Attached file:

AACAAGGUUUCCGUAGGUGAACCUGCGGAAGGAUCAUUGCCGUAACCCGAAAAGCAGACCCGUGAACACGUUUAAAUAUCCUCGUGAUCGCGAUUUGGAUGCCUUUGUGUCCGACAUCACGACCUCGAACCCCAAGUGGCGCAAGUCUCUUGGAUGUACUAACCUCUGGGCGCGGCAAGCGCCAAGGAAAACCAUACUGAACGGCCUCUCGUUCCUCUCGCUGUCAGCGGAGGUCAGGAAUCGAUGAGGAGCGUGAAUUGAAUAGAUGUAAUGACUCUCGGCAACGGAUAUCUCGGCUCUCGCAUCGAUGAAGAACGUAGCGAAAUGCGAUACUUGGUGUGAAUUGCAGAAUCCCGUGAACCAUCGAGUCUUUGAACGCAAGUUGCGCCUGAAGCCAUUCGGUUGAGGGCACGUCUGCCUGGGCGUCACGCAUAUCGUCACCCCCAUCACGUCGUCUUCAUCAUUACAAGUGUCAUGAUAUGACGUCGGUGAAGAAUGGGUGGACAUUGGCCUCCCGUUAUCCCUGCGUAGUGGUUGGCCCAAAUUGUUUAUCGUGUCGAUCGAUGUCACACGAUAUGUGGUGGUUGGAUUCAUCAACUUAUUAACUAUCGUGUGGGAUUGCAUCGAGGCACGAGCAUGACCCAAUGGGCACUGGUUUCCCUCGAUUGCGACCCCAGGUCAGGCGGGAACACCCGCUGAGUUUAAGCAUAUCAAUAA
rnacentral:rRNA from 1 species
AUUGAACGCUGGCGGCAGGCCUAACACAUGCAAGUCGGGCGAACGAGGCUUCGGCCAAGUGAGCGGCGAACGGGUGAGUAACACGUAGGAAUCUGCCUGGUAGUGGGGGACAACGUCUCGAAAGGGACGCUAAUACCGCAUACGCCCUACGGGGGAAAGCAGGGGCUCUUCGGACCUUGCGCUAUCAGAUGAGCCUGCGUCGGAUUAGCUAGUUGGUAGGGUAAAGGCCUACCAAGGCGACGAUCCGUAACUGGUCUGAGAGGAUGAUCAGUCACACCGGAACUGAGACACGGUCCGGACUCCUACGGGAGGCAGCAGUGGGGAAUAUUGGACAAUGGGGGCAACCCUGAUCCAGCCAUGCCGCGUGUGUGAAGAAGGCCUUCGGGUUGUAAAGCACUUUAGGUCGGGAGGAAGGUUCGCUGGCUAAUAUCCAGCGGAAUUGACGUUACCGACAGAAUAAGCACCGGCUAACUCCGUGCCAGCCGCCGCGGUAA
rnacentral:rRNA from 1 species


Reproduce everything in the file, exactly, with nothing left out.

AACAAGGUUUCCGUAGGUGAACCUGCGGAAGGAUCAUUGCCGUAACCCGAAAAGCAGACCCGUGAACACGUUUAAAUAUCCUCGUGAUCGCGAUUUGGAUGCCUUUGUGUCCGACAUCACGACCUCGAACCCCAAGUGGCGCAAGUCUCUUGGAUGUACUAACCUCUGGGCGCGGCAAGCGCCAAGGAAAACCAUACUGAACGGCCUCUCGUUCCUCUCGCUGUCAGCGGAGGUCAGGAAUCGAUGAGGAGCGUGAAUUGAAUAGAUGUAAUGACUCUCGGCAACGGAUAUCUCGGCUCUCGCAUCGAUGAAGAACGUAGCGAAAUGCGAUACUUGGUGUGAAUUGCAGAAUCCCGUGAACCAUCGAGUCUUUGAACGCAAGUUGCGCCUGAAGCCAUUCGGUUGAGGGCACGUCUGCCUGGGCGUCACGCAUAUCGUCACCCCCAUCACGUCGUCUUCAUCAUUACAAGUGUCAUGAUAUGACGUCGGUGAAGAAUGGGUGGACAUUGGCCUCCCGUUAUCCCUGCGUAGUGGUUGGCCCAAAUUGUUUAUCGUGUCGAUCGAUGUCACACGAUAUGUGGUGGUUGGAUUCAUCAACUUAUUAACUAUCGUGUGGGAUUGCAUCGAGGCACGAGCAUGACCCAAUGGGCACUGGUUUCCCUCGAUUGCGACCCCAGGUCAGGCGGGAACACCCGCUGAGUUUAAGCAUAUCAAUAA
rnacentral:rRNA from 1 species
AUUGAACGCUGGCGGCAGGCCUAACACAUGCAAGUCGGGCGAACGAGGCUUCGGCCAAGUGAGCGGCGAACGGGUGAGUAACACGUAGGAAUCUGCCUGGUAGUGGGGGACAACGUCUCGAAAGGGACGCUAAUACCGCAUACGCCCUACGGGGGAAAGCAGGGGCUCUUCGGACCUUGCGCUAUCAGAUGAGCCUGCGUCGGAUUAGCUAGUUGGUAGGGUAAAGGCCUACCAAGGCGACGAUCCGUAACUGGUCUGAGAGGAUGAUCAGUCACACCGGAACUGAGACACGGUCCGGACUCCUACGGGAGGCAGCAGUGGGGAAUAUUGGACAAUGGGGGCAACCCUGAUCCAGCCAUGCCGCGUGUGUGAAGAAGGCCUUCGGGUUGUAAAGCACUUUAGGUCGGGAGGAAGGUUCGCUGGCUAAUAUCCAGCGGAAUUGACGUUACCGACAGAAUAAGCACCGGCUAACUCCGUGCCAGCCGCCGCGGUAA
rnacentral:rRNA from 1 species